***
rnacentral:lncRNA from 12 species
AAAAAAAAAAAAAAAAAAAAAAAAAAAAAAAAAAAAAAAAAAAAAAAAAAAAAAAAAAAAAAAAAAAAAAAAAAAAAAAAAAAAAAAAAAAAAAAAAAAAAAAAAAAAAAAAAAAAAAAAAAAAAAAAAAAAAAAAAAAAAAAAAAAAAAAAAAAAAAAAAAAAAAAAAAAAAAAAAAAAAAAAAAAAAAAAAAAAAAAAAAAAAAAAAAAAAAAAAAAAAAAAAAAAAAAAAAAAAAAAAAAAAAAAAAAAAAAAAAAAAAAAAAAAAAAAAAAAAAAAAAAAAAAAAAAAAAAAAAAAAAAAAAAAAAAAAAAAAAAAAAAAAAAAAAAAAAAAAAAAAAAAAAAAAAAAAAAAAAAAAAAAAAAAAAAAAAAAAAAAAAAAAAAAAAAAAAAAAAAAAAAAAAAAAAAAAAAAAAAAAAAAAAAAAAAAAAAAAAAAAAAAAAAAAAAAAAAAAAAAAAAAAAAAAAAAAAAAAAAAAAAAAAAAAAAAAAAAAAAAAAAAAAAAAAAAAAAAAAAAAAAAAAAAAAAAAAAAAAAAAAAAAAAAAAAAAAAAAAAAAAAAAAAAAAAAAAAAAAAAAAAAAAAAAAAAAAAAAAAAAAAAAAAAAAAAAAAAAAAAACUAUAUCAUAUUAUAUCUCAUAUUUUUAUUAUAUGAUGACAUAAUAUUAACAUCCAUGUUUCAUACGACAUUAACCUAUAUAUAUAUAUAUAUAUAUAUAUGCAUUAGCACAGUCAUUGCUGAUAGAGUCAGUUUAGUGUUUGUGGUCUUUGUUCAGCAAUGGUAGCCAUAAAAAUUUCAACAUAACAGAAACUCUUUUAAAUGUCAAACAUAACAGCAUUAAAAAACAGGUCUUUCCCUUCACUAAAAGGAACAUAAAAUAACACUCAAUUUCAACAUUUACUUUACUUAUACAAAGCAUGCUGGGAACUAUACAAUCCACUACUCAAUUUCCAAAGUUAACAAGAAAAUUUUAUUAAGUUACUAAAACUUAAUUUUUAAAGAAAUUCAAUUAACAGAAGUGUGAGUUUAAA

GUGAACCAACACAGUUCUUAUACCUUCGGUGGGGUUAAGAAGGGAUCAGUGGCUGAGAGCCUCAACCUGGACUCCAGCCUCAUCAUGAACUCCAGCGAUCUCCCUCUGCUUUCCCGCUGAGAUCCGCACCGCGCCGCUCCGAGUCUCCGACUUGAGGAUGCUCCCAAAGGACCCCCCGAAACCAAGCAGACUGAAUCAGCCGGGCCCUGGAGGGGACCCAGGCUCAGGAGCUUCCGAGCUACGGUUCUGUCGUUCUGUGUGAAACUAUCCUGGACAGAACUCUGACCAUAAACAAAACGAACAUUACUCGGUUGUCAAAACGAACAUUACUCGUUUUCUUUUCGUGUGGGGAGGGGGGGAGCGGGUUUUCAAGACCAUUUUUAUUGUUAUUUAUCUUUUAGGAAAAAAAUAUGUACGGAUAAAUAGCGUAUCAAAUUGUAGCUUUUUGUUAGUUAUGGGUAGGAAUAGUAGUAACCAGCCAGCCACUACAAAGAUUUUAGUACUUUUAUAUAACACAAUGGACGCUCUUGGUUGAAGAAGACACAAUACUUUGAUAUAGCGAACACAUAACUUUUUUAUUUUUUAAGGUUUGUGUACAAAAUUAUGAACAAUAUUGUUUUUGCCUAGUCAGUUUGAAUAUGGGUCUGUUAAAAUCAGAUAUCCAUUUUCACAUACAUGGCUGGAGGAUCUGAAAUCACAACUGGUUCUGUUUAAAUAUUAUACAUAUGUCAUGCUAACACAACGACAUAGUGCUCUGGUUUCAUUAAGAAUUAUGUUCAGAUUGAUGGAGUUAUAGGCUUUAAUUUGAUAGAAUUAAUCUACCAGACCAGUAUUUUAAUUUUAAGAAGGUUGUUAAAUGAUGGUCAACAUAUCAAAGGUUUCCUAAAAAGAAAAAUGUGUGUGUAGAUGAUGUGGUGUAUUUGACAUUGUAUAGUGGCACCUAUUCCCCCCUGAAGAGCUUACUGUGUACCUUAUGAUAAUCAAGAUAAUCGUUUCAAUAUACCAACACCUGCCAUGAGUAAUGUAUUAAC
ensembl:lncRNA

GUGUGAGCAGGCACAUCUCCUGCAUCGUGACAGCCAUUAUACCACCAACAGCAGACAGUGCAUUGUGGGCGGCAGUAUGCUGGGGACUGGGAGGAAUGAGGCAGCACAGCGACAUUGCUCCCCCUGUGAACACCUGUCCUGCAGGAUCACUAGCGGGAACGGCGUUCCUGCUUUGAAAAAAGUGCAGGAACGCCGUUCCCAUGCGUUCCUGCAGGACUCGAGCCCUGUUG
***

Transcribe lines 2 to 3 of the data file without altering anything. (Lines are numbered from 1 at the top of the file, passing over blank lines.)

AAAAAAAAAAAAAAAAAAAAAAAAAAAAAAAAAAAAAAAAAAAAAAAAAAAAAAAAAAAAAAAAAAAAAAAAAAAAAAAAAAAAAAAAAAAAAAAAAAAAAAAAAAAAAAAAAAAAAAAAAAAAAAAAAAAAAAAAAAAAAAAAAAAAAAAAAAAAAAAAAAAAAAAAAAAAAAAAAAAAAAAAAAAAAAAAAAAAAAAAAAAAAAAAAAAAAAAAAAAAAAAAAAAAAAAAAAAAAAAAAAAAAAAAAAAAAAAAAAAAAAAAAAAAAAAAAAAAAAAAAAAAAAAAAAAAAAAAAAAAAAAAAAAAAAAAAAAAAAAAAAAAAAAAAAAAAAAAAAAAAAAAAAAAAAAAAAAAAAAAAAAAAAAAAAAAAAAAAAAAAAAAAAAAAAAAAAAAAAAAAAAAAAAAAAAAAAAAAAAAAAAAAAAAAAAAAAAAAAAAAAAAAAAAAAAAAAAAAAAAAAAAAAAAAAAAAAAAAAAAAAAAAAAAAAAAAAAAAAAAAAAAAAAAAAAAAAAAAAAAAAAAAAAAAAAAAAAAAAAAAAAAAAAAAAAAAAAAAAAAAAAAAAAAAAAAAAAAAAAAAAAAAAAAAAAAAAAAAAAAAAAAAAAAAAAAAAAAAAAAACUAUAUCAUAUUAUAUCUCAUAUUUUUAUUAUAUGAUGACAUAAUAUUAACAUCCAUGUUUCAUACGACAUUAACCUAUAUAUAUAUAUAUAUAUAUAUAUGCAUUAGCACAGUCAUUGCUGAUAGAGUCAGUUUAGUGUUUGUGGUCUUUGUUCAGCAAUGGUAGCCAUAAAAAUUUCAACAUAACAGAAACUCUUUUAAAUGUCAAACAUAACAGCAUUAAAAAACAGGUCUUUCCCUUCACUAAAAGGAACAUAAAAUAACACUCAAUUUCAACAUUUACUUUACUUAUACAAAGCAUGCUGGGAACUAUACAAUCCACUACUCAAUUUCCAAAGUUAACAAGAAAAUUUUAUUAAGUUACUAAAACUUAAUUUUUAAAGAAAUUCAAUUAACAGAAGUGUGAGUUUAAA

GUGAACCAACACAGUUCUUAUACCUUCGGUGGGGUUAAGAAGGGAUCAGUGGCUGAGAGCCUCAACCUGGACUCCAGCCUCAUCAUGAACUCCAGCGAUCUCCCUCUGCUUUCCCGCUGAGAUCCGCACCGCGCCGCUCCGAGUCUCCGACUUGAGGAUGCUCCCAAAGGACCCCCCGAAACCAAGCAGACUGAAUCAGCCGGGCCCUGGAGGGGACCCAGGCUCAGGAGCUUCCGAGCUACGGUUCUGUCGUUCUGUGUGAAACUAUCCUGGACAGAACUCUGACCAUAAACAAAACGAACAUUACUCGGUUGUCAAAACGAACAUUACUCGUUUUCUUUUCGUGUGGGGAGGGGGGGAGCGGGUUUUCAAGACCAUUUUUAUUGUUAUUUAUCUUUUAGGAAAAAAAUAUGUACGGAUAAAUAGCGUAUCAAAUUGUAGCUUUUUGUUAGUUAUGGGUAGGAAUAGUAGUAACCAGCCAGCCACUACAAAGAUUUUAGUACUUUUAUAUAACACAAUGGACGCUCUUGGUUGAAGAAGACACAAUACUUUGAUAUAGCGAACACAUAACUUUUUUAUUUUUUAAGGUUUGUGUACAAAAUUAUGAACAAUAUUGUUUUUGCCUAGUCAGUUUGAAUAUGGGUCUGUUAAAAUCAGAUAUCCAUUUUCACAUACAUGGCUGGAGGAUCUGAAAUCACAACUGGUUCUGUUUAAAUAUUAUACAUAUGUCAUGCUAACACAACGACAUAGUGCUCUGGUUUCAUUAAGAAUUAUGUUCAGAUUGAUGGAGUUAUAGGCUUUAAUUUGAUAGAAUUAAUCUACCAGACCAGUAUUUUAAUUUUAAGAAGGUUGUUAAAUGAUGGUCAACAUAUCAAAGGUUUCCUAAAAAGAAAAAUGUGUGUGUAGAUGAUGUGGUGUAUUUGACAUUGUAUAGUGGCACCUAUUCCCCCCUGAAGAGCUUACUGUGUACCUUAUGAUAAUCAAGAUAAUCGUUUCAAUAUACCAACACCUGCCAUGAGUAAUGUAUUAAC